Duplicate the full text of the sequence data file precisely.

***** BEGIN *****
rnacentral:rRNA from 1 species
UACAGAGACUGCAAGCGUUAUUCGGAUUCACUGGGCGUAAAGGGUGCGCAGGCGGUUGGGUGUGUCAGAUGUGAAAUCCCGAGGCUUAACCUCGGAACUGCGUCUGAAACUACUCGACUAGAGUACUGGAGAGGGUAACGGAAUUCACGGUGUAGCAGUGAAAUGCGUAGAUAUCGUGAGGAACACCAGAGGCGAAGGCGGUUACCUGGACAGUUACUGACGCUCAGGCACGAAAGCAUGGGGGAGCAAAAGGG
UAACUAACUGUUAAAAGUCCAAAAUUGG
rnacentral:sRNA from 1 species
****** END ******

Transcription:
rnacentral:rRNA from 1 species
UACAGAGACUGCAAGCGUUAUUCGGAUUCACUGGGCGUAAAGGGUGCGCAGGCGGUUGGGUGUGUCAGAUGUGAAAUCCCGAGGCUUAACCUCGGAACUGCGUCUGAAACUACUCGACUAGAGUACUGGAGAGGGUAACGGAAUUCACGGUGUAGCAGUGAAAUGCGUAGAUAUCGUGAGGAACACCAGAGGCGAAGGCGGUUACCUGGACAGUUACUGACGCUCAGGCACGAAAGCAUGGGGGAGCAAAAGGG
UAACUAACUGUUAAAAGUCCAAAAUUGG
rnacentral:sRNA from 1 species